After a particularly humbling fight with the Xerces parser - trying to find a simple way of outputting the text of a tag and all tags contained therein - I had to think a little while about the ease of use of natural language interfaces and the difficulty in using artificial language interfaces.
Natural language interfaces are extremely simple to use. We know so many ways in which to derive meaning from a particular statement. Use of the ambient context of the statement implicitly. Standard rhetorical figures that form naturally to create new meanings around old ones. Rephrasing of the statement in similar forms. Just the many ways in which we can derive meaning from a word, just because it is a word of a particular kind. From nouns we can create an amazing number of different parts of speech through derivation from the noun. Our ability to derive meaning from letters, tokens, words, sentences, and conversations is extreme. The pipe dream of productivity tools is to create as rich a conversation using artificial languages.
Creating such a rich environment has so many aspects and for each of these aspects there seems to be a programming technology devoted to making that particular aspect appealing and straightforward.
- Object oriented programming is an attempt to reformulate imperative program instruction as world modeling.
- Intentional programmand and aspect oriented programming try to address the openness of natural world models in ways object oriented programming fails to.
- Template programming tries to add inflection and token derivation to the type system.
- The notion of mixins resembles aspects in the way it tries to open up class hierarchies, but has a data component, not just a program flow component.
- Real metalanguages would probably claim to attempt 'all of the above'
What I've yet to see native language support for is the promiscuity of natural language, when it comes to describing objects. When you talk about some object you adapt the understanding of the object on the fly. In a conversation it is you not the provider of the object who defines the properties and interface to the object, simply by describing them. Maybe you have to start with the description you've been given - but from that you can rapidly adapt your own description and work in terms of that instead.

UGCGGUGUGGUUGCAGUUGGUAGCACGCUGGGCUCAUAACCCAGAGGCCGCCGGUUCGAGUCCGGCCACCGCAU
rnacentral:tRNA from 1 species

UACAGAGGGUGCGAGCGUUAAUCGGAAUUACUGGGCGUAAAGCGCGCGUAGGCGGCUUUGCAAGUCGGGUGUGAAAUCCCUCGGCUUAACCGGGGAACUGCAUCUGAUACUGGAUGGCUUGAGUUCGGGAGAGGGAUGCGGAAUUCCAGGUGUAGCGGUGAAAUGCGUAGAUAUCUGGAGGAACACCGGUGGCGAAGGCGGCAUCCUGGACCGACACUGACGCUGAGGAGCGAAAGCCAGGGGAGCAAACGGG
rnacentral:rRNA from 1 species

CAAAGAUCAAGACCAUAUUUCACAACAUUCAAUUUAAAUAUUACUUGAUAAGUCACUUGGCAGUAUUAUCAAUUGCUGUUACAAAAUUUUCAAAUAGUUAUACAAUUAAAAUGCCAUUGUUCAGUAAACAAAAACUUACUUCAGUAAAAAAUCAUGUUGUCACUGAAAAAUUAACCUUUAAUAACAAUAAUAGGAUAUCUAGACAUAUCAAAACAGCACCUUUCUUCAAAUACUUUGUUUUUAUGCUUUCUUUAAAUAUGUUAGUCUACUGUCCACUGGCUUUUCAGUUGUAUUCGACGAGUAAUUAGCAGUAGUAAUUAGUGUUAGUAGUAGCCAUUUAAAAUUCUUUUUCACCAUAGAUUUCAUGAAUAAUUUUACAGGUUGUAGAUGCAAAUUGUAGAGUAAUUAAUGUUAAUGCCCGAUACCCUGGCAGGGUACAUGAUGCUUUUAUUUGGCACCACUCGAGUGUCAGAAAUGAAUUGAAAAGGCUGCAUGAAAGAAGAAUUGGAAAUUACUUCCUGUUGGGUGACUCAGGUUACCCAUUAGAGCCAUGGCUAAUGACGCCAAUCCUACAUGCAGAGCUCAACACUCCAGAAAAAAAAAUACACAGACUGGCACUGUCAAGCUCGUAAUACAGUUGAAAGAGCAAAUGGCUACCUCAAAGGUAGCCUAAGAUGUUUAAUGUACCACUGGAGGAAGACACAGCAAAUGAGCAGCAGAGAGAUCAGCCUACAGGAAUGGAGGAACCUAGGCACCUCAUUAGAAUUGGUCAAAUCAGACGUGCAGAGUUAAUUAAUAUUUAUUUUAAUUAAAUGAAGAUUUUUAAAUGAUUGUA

The point compared to the mechanisms available is that the object remains of the original class, you're just creating a temporary interface appropriate to your situation.
Another related candidate for language innovation is 'code-free delegation' i.e. how to use stock implementations in interfaces.
The true metalanguages, and the low level text-based ones like perl, allow for something like this, but either they are not languages with rich libraries - which really defeats the purpose of something like this, or the feature is only available by accident and certainly not in a type strong fashion. The idea with an extension like this would exactly be to hang on to type strength but make crossing of type boundaries possible when needed.
The object way of doing that is to write an adapter class presenting your own interface which is then implemented in terms of the existing interface, but to write your adapter you typically have to aggregate the old object, and that then means you have to actually construct a new object which can be a time-consuming and not very on-the-fly experience.
What I'm looking for is the ability to specify - for a class already in existence - an interpretation which I guess would be the keyword used to describe it. It is basically an implicit adaptor created on the fly for another class. It cannot add data to the original class (that would just be aggregation) but only implement a new interface in terms of the old one.
This is sort of a backdoor into generics. You'd specify an interface for e.g. a containerclass, and then you would create an interpretation of an existing class to make the container hold the existing object.
An adaptor refactoring tool in a modern IDE could be the solution if done in proper two-way fashion.
It's clear that the only languages with any shot at resembling natural languages are the self-morphing text based or just very richly reflective languages. The problem with most of these is that keeping languages that open also means contracts can be hard to enforce, and you can't prove any kind of behaviour even with the sloppiest understanding of program proof without contracts of some kind. The type-system is of course the weakest type of contract and that is only enforced by a few of these languages.